...three years ago, good when I was on campus and I had been working with Butler over the over the years on different projects, but I think some of the work that that the reason I got introduced to you, as I was commenting with one of my contacts about just the the personal aspect of being a parent of a student who decided to attend Butler and so your work personally affect to my family and so I got a chance to introduce you, know, be introduced to you and talk a little bit about that. So tell me a little bit more about what went into the the parent flow of the calm flow strategy that that kind of affected me and my wife in how we helped our son navigate his college choices. I'm just so the audience knows, and full transparency. He's a junior about the university studying journalism and loves it, and just about to say he's real happy, isn't he's really happy. So I got to put that plug in. So, but I do know that a lot of the ways that you guys communicated directly with parents and with me and my wife made a difference. So tell me a little bit about you know what that strategy was and how that played out and and why you saw that as a need. Sure, happy to so. Prospective students are, of course, our primary audience, but we have spent a lot of time in the last few years really thinking about and developing strategies for our secondary audiences, other people who are involved in the college search and the decisionmaking process and of course, like in your case, Bart, that that most often includes parents. So our goal with how we engage with parents is really twofold. First, we always aim to keep parents aware of their students admission process, aware of where they're at in their application process, upcoming downline, reminders, next steps, all of that kind of transactional stuff. We know that parents are often the ones reminding their kids about upcoming deadlines and getting your transcripts in and all that good stuff. So this is a pretty easy strategy for us to execute. We just include parents in the majority of our transactional communications, are oftentimes on the CC line, and it's it's really simple and I wish it maybe was a bit more strategic than that, but we have just found that looping them in and keeping them in the know has proven to be really, really helpful and I know a lot of parents just appreciate having that ability to get reminders, etc. At the same time as their students. I was gonna say that was so important to us. So yeah, good. But in addition to that, we also know that parents are often deeply involved in the college choice and in the decision making process. So we know that as marketers, we need to be spending just as much time promoting our institution and sharing what makes Butler a special place with parents as we do with their students, and we do that in a few different ways. We really have kind of a blend of an and or an or approach, I would say. In many of our campaigns we will send communications to both students and their parents. You know, anytime we are working on, you know, our our view book series or a new email campaign or a website, we make sure that we are keeping all audiences in mind when we do that piece. We assume mom or dad or grandma, our GRANDPA are likely the ones getting the mail. I'm not sure that's as accurate now in the in the e learning covid era, but prior to that, you know, we knew that they were often the first ones seeing seeing information from us, and we again just really try to keep all audiences in mind as we're working on those pieces. As we go further down in our enrollment funnel, that's where we start at times segmenting. So this is where we get into kind of the or part of our approach. So there may be times where we send different different campaigns and different materials to parents versus students. Parents, of course, are curious about the return on investment of a Butler degree and how their student will be prepared post college, but students may want more information about what it's like to live on campus or ability to participate in quizzes and polls and things along that along that nature. So we do at times kind of divide and create those different paths. I think that's really interesting and even like I will...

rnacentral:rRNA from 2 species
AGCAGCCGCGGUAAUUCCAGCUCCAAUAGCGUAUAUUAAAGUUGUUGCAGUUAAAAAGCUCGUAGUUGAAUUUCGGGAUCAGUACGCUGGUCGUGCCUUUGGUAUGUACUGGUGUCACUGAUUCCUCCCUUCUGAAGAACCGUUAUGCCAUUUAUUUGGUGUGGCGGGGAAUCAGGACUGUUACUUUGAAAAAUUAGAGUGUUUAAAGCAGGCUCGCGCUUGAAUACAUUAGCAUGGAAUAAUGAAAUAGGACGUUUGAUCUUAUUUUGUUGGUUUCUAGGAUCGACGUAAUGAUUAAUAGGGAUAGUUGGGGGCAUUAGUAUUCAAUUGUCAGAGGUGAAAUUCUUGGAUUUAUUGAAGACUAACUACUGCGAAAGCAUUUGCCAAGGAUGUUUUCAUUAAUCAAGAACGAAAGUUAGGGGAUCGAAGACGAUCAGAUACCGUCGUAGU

...testify to the fact that, yes, parents are the ones seeing the email, because so few colleges were including us on the comflow. Mean Butler, out of this seven colleges is you applied to, Butler, was the only one that was actually including us on any confluence. So naturally we were looking at our email every day as professionals. We'd bring it up in the evening say hey, did you see the visit day? Did you see this coming up the transactional as well as just having a good sense of what was going on. And so I can certainly say that that was that was a very effective campaign. But I think one thing I wanted to just kind of point out and and mention, and you can respond to this, but I think that you can only do what you can with the data that you can collect, and so we've done some campaigns for different different schools. We're we've done, you know, some lead generation type things and we might have purchased lists or they might just be coming in from the web, but will often ask, as an optional question, please include your parents email address. I've always, always, always been shocked at how many students will actually just volunteer that pretty quickly, but you can't do that kind of parent communication without having their email. And so I mean, would you agree that you've got to ask for those things if you're going to actually try to do something? Absolutely yes, and that's a really good point. You know that that parent strategy I just talked about is only as effective as the data that we have in our system and yield. You know, of course the application is that primary data collection point where you do get a lot of that. So we yield. It does become a bit easier, but that focus has been there for us, you know, even just in the last twelve months, two years, is how do we begin getting more parent contact information or earlier in the funnel, and we've tried a couple different approaches with that, but we're really thoughtful with everything from our inquiry forms to visit registrations. What seems to be fairly common is we have seen that students will most often volunteer one parents contact information, which for us, of course, one is better than nothing. But we've also begun thinking about, you know, if we have mom's email or dad's email, how do we provide then the opportunity to add another parent or another family member to the mix as well. So definitely an important piece to consider as you do more in the parent space. Christy, I have to deliver on my promise from the beginning of our interview. Please tell us about blue, because many of our listeners may not be familiar with him. Yes, yes, so Butler blue, the fourth, or who we call blue for short, is our university's live mascot. He is a sixty five pound English bulldog. He is the only co worker whose weight I know and I have permission to share externally. He he is a huge part of what we do at Butler. So our live mascot program at Butler has a really rich tradition. Blue is the fourth Butler blue dog that we've had. He was actually introduced around this time last year as a little tiny puppy and our former mascot, Butler blue, the third, who I know many indie folks are are familiar with. We called him TRIPP, has since retired, but blue, he lives on campus with a member of our marketing team. Before covid he came to the same office I did every day. And Butler are marketing and our admission teams or house in the same building, which is super, super convenient. Blue has a huge following on social media, as you know, especially from the athletics crowd, but really his reaches nationwide these days and the mask at we have found is often the first thing people do know about Butler or when I share where I work with someone, that's immediately the first thing they ask questions about. So Blues Great, huge, huge part of what we do and a huge part of our success. That's great, I think. I think blue is a great Asst. I mean, living here in Indianapolis, obviously I've been aware of him, but I think he kind of made national attention obviously when he came on the scene in the two thousand and ten and two thousand and eleven, kind of that Cinderella story where Butler made it to the final four men's basketball in the NCAA tournament. So but he's so much more than just a sports mascot. I mean, ill tell us how he helps out with some enrollment. Definitely blue is is really like having another fee on our enrollment marketing team. I mean he just heat his reach and his impact with prospective students just continues to grow and we continue to...